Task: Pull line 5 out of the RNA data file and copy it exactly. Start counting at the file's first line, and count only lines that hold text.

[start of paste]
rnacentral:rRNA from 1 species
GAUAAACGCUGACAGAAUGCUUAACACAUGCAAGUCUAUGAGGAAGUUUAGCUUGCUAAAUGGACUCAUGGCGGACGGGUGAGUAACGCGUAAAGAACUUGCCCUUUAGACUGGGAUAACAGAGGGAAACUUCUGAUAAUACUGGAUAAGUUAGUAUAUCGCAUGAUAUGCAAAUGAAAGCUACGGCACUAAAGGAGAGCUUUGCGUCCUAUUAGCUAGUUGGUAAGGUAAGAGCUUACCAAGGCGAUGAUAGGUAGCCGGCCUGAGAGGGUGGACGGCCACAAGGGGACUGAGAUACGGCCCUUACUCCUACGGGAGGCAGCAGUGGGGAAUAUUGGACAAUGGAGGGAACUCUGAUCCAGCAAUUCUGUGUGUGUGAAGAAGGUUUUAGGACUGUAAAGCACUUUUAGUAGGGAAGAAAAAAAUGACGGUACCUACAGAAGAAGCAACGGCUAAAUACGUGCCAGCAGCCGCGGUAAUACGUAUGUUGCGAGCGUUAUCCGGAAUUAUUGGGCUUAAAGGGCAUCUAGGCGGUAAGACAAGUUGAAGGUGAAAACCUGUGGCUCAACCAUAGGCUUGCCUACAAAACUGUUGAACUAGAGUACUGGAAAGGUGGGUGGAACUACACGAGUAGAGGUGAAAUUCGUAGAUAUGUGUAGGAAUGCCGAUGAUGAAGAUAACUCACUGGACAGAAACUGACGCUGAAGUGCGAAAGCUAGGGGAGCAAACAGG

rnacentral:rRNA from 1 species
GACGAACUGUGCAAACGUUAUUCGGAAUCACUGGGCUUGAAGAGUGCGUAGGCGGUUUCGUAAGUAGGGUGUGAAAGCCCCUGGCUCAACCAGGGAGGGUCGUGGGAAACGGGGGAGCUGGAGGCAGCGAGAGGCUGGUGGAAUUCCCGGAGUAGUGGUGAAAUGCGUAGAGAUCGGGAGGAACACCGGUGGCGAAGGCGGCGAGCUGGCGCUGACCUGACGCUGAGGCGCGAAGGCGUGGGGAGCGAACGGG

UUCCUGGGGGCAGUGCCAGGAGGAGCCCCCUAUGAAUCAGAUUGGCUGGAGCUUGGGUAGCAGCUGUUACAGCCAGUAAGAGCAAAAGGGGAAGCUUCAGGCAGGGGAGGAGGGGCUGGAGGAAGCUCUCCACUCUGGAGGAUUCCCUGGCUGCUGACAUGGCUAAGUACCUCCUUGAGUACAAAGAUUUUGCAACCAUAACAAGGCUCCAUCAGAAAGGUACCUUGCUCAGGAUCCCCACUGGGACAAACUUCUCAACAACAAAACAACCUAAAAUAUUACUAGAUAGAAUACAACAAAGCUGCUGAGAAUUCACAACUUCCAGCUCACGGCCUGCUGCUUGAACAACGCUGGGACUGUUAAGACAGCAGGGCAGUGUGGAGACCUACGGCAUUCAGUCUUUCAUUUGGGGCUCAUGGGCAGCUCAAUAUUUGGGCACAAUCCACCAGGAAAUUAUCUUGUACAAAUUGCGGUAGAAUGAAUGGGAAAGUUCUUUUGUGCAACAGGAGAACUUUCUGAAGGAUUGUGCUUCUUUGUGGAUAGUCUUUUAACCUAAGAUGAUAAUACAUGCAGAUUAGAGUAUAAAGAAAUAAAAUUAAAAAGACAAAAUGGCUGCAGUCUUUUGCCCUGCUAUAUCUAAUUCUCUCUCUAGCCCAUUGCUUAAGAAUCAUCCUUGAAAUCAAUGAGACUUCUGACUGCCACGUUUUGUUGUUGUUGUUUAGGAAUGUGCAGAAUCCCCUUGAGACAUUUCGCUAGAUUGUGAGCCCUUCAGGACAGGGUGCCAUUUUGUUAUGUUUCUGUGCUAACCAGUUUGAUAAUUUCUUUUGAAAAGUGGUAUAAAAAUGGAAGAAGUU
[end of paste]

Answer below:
UUCCUGGGGGCAGUGCCAGGAGGAGCCCCCUAUGAAUCAGAUUGGCUGGAGCUUGGGUAGCAGCUGUUACAGCCAGUAAGAGCAAAAGGGGAAGCUUCAGGCAGGGGAGGAGGGGCUGGAGGAAGCUCUCCACUCUGGAGGAUUCCCUGGCUGCUGACAUGGCUAAGUACCUCCUUGAGUACAAAGAUUUUGCAACCAUAACAAGGCUCCAUCAGAAAGGUACCUUGCUCAGGAUCCCCACUGGGACAAACUUCUCAACAACAAAACAACCUAAAAUAUUACUAGAUAGAAUACAACAAAGCUGCUGAGAAUUCACAACUUCCAGCUCACGGCCUGCUGCUUGAACAACGCUGGGACUGUUAAGACAGCAGGGCAGUGUGGAGACCUACGGCAUUCAGUCUUUCAUUUGGGGCUCAUGGGCAGCUCAAUAUUUGGGCACAAUCCACCAGGAAAUUAUCUUGUACAAAUUGCGGUAGAAUGAAUGGGAAAGUUCUUUUGUGCAACAGGAGAACUUUCUGAAGGAUUGUGCUUCUUUGUGGAUAGUCUUUUAACCUAAGAUGAUAAUACAUGCAGAUUAGAGUAUAAAGAAAUAAAAUUAAAAAGACAAAAUGGCUGCAGUCUUUUGCCCUGCUAUAUCUAAUUCUCUCUCUAGCCCAUUGCUUAAGAAUCAUCCUUGAAAUCAAUGAGACUUCUGACUGCCACGUUUUGUUGUUGUUGUUUAGGAAUGUGCAGAAUCCCCUUGAGACAUUUCGCUAGAUUGUGAGCCCUUCAGGACAGGGUGCCAUUUUGUUAUGUUUCUGUGCUAACCAGUUUGAUAAUUUCUUUUGAAAAGUGGUAUAAAAAUGGAAGAAGUU